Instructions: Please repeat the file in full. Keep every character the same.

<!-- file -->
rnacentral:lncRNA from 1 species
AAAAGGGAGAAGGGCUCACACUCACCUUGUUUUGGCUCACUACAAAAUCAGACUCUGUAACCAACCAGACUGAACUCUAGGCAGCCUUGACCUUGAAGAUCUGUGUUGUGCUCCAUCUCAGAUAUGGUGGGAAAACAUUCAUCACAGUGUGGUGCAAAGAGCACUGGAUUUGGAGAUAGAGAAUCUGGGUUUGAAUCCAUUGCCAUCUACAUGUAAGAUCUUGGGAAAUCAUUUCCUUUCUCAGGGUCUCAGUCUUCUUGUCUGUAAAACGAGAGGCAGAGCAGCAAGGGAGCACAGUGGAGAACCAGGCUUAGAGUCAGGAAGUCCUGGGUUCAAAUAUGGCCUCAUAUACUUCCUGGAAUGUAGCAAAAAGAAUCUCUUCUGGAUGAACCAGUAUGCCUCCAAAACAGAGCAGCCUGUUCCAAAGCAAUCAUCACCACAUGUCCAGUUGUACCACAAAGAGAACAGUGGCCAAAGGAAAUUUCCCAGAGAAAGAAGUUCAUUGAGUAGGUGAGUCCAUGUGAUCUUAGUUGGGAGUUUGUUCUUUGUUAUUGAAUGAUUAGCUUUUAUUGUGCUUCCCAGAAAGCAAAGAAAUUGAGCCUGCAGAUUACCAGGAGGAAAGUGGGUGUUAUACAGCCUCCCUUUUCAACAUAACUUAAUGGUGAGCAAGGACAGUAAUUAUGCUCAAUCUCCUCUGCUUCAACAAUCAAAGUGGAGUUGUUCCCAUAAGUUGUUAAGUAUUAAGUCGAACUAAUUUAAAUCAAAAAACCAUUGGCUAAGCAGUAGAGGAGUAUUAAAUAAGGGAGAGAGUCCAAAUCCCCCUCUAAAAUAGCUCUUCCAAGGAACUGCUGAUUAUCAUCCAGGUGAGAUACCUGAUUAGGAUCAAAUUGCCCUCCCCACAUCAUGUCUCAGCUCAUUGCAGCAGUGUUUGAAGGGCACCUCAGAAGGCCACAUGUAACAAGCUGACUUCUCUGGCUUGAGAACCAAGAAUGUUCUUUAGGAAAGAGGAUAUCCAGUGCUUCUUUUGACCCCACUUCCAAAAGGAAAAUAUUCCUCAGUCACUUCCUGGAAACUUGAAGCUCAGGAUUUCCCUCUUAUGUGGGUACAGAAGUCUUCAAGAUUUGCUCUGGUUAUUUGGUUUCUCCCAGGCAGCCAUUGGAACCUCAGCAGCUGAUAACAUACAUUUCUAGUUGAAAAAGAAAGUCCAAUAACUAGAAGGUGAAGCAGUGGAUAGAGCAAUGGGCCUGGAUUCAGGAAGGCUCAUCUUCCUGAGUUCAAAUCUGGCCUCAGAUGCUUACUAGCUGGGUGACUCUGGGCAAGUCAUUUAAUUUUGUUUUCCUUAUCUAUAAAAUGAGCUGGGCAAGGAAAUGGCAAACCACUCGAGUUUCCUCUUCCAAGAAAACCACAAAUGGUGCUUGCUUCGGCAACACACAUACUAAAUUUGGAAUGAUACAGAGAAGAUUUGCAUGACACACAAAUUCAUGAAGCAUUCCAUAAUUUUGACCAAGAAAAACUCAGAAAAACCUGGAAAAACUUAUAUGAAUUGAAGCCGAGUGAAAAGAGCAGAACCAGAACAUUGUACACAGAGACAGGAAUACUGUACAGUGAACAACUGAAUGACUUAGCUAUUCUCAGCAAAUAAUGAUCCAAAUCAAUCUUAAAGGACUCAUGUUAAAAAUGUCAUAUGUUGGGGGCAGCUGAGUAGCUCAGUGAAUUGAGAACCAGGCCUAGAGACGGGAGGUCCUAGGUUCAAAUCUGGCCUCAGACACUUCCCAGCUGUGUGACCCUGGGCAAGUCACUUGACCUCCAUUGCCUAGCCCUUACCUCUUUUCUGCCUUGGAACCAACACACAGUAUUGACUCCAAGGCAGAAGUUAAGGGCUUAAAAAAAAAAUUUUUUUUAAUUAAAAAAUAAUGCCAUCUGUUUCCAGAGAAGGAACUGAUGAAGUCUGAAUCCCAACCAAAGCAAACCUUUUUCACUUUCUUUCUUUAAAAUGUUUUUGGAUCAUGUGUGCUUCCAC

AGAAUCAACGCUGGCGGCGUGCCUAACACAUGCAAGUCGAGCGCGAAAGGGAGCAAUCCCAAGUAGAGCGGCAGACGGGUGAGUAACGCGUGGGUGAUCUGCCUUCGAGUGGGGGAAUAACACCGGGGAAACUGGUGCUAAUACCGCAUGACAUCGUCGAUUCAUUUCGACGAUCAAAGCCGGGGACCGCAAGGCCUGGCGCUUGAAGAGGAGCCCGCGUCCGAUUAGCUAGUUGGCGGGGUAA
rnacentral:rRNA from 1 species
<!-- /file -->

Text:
rnacentral:lncRNA from 1 species
AAAAGGGAGAAGGGCUCACACUCACCUUGUUUUGGCUCACUACAAAAUCAGACUCUGUAACCAACCAGACUGAACUCUAGGCAGCCUUGACCUUGAAGAUCUGUGUUGUGCUCCAUCUCAGAUAUGGUGGGAAAACAUUCAUCACAGUGUGGUGCAAAGAGCACUGGAUUUGGAGAUAGAGAAUCUGGGUUUGAAUCCAUUGCCAUCUACAUGUAAGAUCUUGGGAAAUCAUUUCCUUUCUCAGGGUCUCAGUCUUCUUGUCUGUAAAACGAGAGGCAGAGCAGCAAGGGAGCACAGUGGAGAACCAGGCUUAGAGUCAGGAAGUCCUGGGUUCAAAUAUGGCCUCAUAUACUUCCUGGAAUGUAGCAAAAAGAAUCUCUUCUGGAUGAACCAGUAUGCCUCCAAAACAGAGCAGCCUGUUCCAAAGCAAUCAUCACCACAUGUCCAGUUGUACCACAAAGAGAACAGUGGCCAAAGGAAAUUUCCCAGAGAAAGAAGUUCAUUGAGUAGGUGAGUCCAUGUGAUCUUAGUUGGGAGUUUGUUCUUUGUUAUUGAAUGAUUAGCUUUUAUUGUGCUUCCCAGAAAGCAAAGAAAUUGAGCCUGCAGAUUACCAGGAGGAAAGUGGGUGUUAUACAGCCUCCCUUUUCAACAUAACUUAAUGGUGAGCAAGGACAGUAAUUAUGCUCAAUCUCCUCUGCUUCAACAAUCAAAGUGGAGUUGUUCCCAUAAGUUGUUAAGUAUUAAGUCGAACUAAUUUAAAUCAAAAAACCAUUGGCUAAGCAGUAGAGGAGUAUUAAAUAAGGGAGAGAGUCCAAAUCCCCCUCUAAAAUAGCUCUUCCAAGGAACUGCUGAUUAUCAUCCAGGUGAGAUACCUGAUUAGGAUCAAAUUGCCCUCCCCACAUCAUGUCUCAGCUCAUUGCAGCAGUGUUUGAAGGGCACCUCAGAAGGCCACAUGUAACAAGCUGACUUCUCUGGCUUGAGAACCAAGAAUGUUCUUUAGGAAAGAGGAUAUCCAGUGCUUCUUUUGACCCCACUUCCAAAAGGAAAAUAUUCCUCAGUCACUUCCUGGAAACUUGAAGCUCAGGAUUUCCCUCUUAUGUGGGUACAGAAGUCUUCAAGAUUUGCUCUGGUUAUUUGGUUUCUCCCAGGCAGCCAUUGGAACCUCAGCAGCUGAUAACAUACAUUUCUAGUUGAAAAAGAAAGUCCAAUAACUAGAAGGUGAAGCAGUGGAUAGAGCAAUGGGCCUGGAUUCAGGAAGGCUCAUCUUCCUGAGUUCAAAUCUGGCCUCAGAUGCUUACUAGCUGGGUGACUCUGGGCAAGUCAUUUAAUUUUGUUUUCCUUAUCUAUAAAAUGAGCUGGGCAAGGAAAUGGCAAACCACUCGAGUUUCCUCUUCCAAGAAAACCACAAAUGGUGCUUGCUUCGGCAACACACAUACUAAAUUUGGAAUGAUACAGAGAAGAUUUGCAUGACACACAAAUUCAUGAAGCAUUCCAUAAUUUUGACCAAGAAAAACUCAGAAAAACCUGGAAAAACUUAUAUGAAUUGAAGCCGAGUGAAAAGAGCAGAACCAGAACAUUGUACACAGAGACAGGAAUACUGUACAGUGAACAACUGAAUGACUUAGCUAUUCUCAGCAAAUAAUGAUCCAAAUCAAUCUUAAAGGACUCAUGUUAAAAAUGUCAUAUGUUGGGGGCAGCUGAGUAGCUCAGUGAAUUGAGAACCAGGCCUAGAGACGGGAGGUCCUAGGUUCAAAUCUGGCCUCAGACACUUCCCAGCUGUGUGACCCUGGGCAAGUCACUUGACCUCCAUUGCCUAGCCCUUACCUCUUUUCUGCCUUGGAACCAACACACAGUAUUGACUCCAAGGCAGAAGUUAAGGGCUUAAAAAAAAAAUUUUUUUUAAUUAAAAAAUAAUGCCAUCUGUUUCCAGAGAAGGAACUGAUGAAGUCUGAAUCCCAACCAAAGCAAACCUUUUUCACUUUCUUUCUUUAAAAUGUUUUUGGAUCAUGUGUGCUUCCAC

AGAAUCAACGCUGGCGGCGUGCCUAACACAUGCAAGUCGAGCGCGAAAGGGAGCAAUCCCAAGUAGAGCGGCAGACGGGUGAGUAACGCGUGGGUGAUCUGCCUUCGAGUGGGGGAAUAACACCGGGGAAACUGGUGCUAAUACCGCAUGACAUCGUCGAUUCAUUUCGACGAUCAAAGCCGGGGACCGCAAGGCCUGGCGCUUGAAGAGGAGCCCGCGUCCGAUUAGCUAGUUGGCGGGGUAA
rnacentral:rRNA from 1 species